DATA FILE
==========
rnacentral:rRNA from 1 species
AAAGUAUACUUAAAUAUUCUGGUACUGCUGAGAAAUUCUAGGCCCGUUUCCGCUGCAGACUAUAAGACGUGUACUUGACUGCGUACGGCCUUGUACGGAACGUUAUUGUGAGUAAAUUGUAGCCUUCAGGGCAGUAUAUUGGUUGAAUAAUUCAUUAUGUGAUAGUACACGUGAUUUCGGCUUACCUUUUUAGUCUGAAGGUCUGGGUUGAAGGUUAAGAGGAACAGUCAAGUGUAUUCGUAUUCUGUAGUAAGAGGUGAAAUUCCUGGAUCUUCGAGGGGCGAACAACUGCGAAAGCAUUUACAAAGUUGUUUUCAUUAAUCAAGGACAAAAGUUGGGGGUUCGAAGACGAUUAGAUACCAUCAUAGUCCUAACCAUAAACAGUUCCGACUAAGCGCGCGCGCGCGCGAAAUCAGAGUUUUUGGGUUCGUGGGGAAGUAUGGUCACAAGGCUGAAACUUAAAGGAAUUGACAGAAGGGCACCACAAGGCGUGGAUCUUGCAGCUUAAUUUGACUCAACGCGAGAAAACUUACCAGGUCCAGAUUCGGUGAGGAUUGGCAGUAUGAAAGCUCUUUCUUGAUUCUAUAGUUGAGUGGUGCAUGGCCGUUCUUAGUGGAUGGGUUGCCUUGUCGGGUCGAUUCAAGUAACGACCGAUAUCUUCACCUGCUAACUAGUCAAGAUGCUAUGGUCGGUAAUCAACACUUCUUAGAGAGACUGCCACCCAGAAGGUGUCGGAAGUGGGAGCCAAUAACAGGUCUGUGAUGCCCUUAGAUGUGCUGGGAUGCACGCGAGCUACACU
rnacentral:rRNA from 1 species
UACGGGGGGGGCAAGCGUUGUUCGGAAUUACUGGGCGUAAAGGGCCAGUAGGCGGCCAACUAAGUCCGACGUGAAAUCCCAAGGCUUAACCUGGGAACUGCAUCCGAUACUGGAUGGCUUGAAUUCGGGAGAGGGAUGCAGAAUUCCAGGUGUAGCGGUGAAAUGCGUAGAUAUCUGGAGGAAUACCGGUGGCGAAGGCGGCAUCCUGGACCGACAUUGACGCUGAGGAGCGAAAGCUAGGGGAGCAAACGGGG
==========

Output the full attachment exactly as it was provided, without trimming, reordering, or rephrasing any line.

rnacentral:rRNA from 1 species
AAAGUAUACUUAAAUAUUCUGGUACUGCUGAGAAAUUCUAGGCCCGUUUCCGCUGCAGACUAUAAGACGUGUACUUGACUGCGUACGGCCUUGUACGGAACGUUAUUGUGAGUAAAUUGUAGCCUUCAGGGCAGUAUAUUGGUUGAAUAAUUCAUUAUGUGAUAGUACACGUGAUUUCGGCUUACCUUUUUAGUCUGAAGGUCUGGGUUGAAGGUUAAGAGGAACAGUCAAGUGUAUUCGUAUUCUGUAGUAAGAGGUGAAAUUCCUGGAUCUUCGAGGGGCGAACAACUGCGAAAGCAUUUACAAAGUUGUUUUCAUUAAUCAAGGACAAAAGUUGGGGGUUCGAAGACGAUUAGAUACCAUCAUAGUCCUAACCAUAAACAGUUCCGACUAAGCGCGCGCGCGCGCGAAAUCAGAGUUUUUGGGUUCGUGGGGAAGUAUGGUCACAAGGCUGAAACUUAAAGGAAUUGACAGAAGGGCACCACAAGGCGUGGAUCUUGCAGCUUAAUUUGACUCAACGCGAGAAAACUUACCAGGUCCAGAUUCGGUGAGGAUUGGCAGUAUGAAAGCUCUUUCUUGAUUCUAUAGUUGAGUGGUGCAUGGCCGUUCUUAGUGGAUGGGUUGCCUUGUCGGGUCGAUUCAAGUAACGACCGAUAUCUUCACCUGCUAACUAGUCAAGAUGCUAUGGUCGGUAAUCAACACUUCUUAGAGAGACUGCCACCCAGAAGGUGUCGGAAGUGGGAGCCAAUAACAGGUCUGUGAUGCCCUUAGAUGUGCUGGGAUGCACGCGAGCUACACU
rnacentral:rRNA from 1 species
UACGGGGGGGGCAAGCGUUGUUCGGAAUUACUGGGCGUAAAGGGCCAGUAGGCGGCCAACUAAGUCCGACGUGAAAUCCCAAGGCUUAACCUGGGAACUGCAUCCGAUACUGGAUGGCUUGAAUUCGGGAGAGGGAUGCAGAAUUCCAGGUGUAGCGGUGAAAUGCGUAGAUAUCUGGAGGAAUACCGGUGGCGAAGGCGGCAUCCUGGACCGACAUUGACGCUGAGGAGCGAAAGCUAGGGGAGCAAACGGGG